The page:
The Perfect Number

The number of children I parent has been changing a lot lately.

Normally, I have two – a ten year old and a twelve year old.

For a few days recently I had five – my two, a six year old, an eleven year old, and a thirteen year old – all cousins.

Then, I had my two and a friend each for a weekend trip, so that’s two ten year olds and two twelve year olds.

Then I had a different combination of the cousins, my two plus the six year old and his sixteen year old sister.

Then, everyone left and my daughter went to camp and I just had one child, my ten year old son.

It’s not that it’s easier or harder to parent five kids or one kid, it’s just different. With five kids I felt the need to be super-organized and efficient. I planned a week’s worth of meals that all used some of the same ingredients. I even made some meals before we went out. But that efficiency was relaxing in a way. I didn’t have to worry or argue about what was for dinner, dinner was dinner, it was planned and ready. I was so proud of my meal plan, I put it on the refrigerator next to my ten year old’s 100% quizzes.

With five or four kids there was a constant scanning, do I have everyone? Where is the six year old? But also, with that many kids everyone was always occupied. No one was bored, no one was lonely. Plus, the scanning was sort of unnecessary since they were all looking for each other anyway.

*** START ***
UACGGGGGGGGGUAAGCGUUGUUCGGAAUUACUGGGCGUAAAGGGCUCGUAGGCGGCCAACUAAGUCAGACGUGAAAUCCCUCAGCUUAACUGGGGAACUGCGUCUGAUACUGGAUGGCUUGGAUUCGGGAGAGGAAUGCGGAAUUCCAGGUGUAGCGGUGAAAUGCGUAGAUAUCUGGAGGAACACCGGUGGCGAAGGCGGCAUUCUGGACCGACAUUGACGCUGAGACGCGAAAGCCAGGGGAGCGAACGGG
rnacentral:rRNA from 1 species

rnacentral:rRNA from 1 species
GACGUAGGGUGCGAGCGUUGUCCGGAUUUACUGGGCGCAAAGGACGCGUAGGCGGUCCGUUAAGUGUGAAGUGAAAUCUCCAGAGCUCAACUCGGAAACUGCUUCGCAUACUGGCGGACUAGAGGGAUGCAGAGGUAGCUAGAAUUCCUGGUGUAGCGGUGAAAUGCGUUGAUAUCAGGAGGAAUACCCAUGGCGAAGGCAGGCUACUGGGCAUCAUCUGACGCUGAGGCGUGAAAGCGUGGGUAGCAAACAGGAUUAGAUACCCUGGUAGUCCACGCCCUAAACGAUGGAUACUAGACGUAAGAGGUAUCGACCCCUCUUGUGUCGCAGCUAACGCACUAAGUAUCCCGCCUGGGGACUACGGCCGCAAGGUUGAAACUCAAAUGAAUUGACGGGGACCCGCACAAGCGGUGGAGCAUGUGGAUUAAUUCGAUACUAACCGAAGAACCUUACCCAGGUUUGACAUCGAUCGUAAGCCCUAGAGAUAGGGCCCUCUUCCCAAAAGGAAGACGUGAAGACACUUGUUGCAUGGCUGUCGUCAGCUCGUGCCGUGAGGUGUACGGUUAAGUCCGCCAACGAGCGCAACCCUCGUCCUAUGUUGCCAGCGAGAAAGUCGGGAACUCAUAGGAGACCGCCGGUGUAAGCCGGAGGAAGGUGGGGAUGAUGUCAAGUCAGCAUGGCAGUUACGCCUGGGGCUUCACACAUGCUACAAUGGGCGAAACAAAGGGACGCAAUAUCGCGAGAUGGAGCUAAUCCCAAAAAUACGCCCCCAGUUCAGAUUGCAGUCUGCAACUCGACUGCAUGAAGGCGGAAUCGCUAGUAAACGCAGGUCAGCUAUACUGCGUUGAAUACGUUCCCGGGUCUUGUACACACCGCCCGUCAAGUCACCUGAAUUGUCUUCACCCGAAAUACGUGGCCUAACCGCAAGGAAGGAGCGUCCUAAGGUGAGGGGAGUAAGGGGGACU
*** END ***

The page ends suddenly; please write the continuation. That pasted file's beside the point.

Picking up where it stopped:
With four or five kids it was easier to set rules, to say “no,” to deny whims. Obviously, if you are trying to get five kids through downtown Chicago you can not stop to look at everything that everyone wants to see. With one kid it’s hard to rationalize saying “no,” to restaurant or activity choices, but also, there’s less reason to do so.  It’s wonderful to have a child say, “I’d kind of like to do that” and to say “Well, it’s just the two of us, let’s try it.” With one kid it’s easier to convince him to try something, because you only have to convince one child, not two.

During one of his days as an only child I picked my son up from camp and he said, “I’m really craving a cheeseburger, can we go to Culver’s?” So, we did, and on the way he started asking me a question that led to a conversation about sex, including consent and condoms. It’s hard to imagine that conversation happening with four other kids in the car. It’s hard to imagine me agreeing to buying a 3:00 meal for four or five kids.

I love having two children. I don’t have the necessary attention span to only have one child and I am not young enough or rich enough to have more than two. Having two kids gives me the space and time to invite more kids in to my life from time to time. But it’s nice sometimes to try out the other alternatives.

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Blame Isn’t the Problem, Social Media Is

I have a theory about how normal people deal with other people’s tragedies.  I’m not a psychologist, but here it is: